Might our judgementsor what we take to be evidencebe systematically biased or irrational? To what extent are we able to transcend our current perspectives? How do we handle the potential conflict between past and future versions of ourselves? And how do we resolve the conflicts between the demands of the evidence, the search for truth, and the moral and practical constraints we are subject to?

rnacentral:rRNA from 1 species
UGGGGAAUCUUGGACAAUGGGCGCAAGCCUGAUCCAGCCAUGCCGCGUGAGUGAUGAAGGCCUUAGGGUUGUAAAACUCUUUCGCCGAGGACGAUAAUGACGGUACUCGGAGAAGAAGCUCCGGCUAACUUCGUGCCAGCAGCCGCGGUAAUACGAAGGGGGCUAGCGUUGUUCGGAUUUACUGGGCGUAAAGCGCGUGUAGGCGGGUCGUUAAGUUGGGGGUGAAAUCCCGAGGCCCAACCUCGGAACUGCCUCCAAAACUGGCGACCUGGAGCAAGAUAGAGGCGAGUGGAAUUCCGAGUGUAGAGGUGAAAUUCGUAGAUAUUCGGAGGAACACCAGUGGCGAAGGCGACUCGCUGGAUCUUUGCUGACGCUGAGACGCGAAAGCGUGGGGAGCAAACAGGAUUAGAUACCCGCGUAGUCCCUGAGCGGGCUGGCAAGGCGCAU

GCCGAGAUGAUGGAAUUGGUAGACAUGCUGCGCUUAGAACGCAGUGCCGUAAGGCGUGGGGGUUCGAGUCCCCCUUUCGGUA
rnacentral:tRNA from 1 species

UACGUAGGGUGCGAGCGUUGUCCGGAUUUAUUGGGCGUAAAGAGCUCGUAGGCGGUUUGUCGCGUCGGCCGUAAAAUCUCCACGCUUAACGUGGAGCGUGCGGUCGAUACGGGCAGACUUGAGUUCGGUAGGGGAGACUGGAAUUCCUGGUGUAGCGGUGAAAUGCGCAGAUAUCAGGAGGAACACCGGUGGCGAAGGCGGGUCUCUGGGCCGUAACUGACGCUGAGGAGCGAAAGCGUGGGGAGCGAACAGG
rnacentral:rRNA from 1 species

This weekend will introduce you to philosophical tools for thinking about how to manage and respond to evidence. On the one hand, evidence is usually valuable: the more we know, the better our decisions tend to be. On the other hand, sometimes knowing more makes us worse off---for example, when the evidence we gather is misleading, or we interpret it in a biased way. We will explore how to reason about these trade-offs in a precise way, to determine when (and why) it does (and doesnt) make sense to continue gathering evidence before making a decision.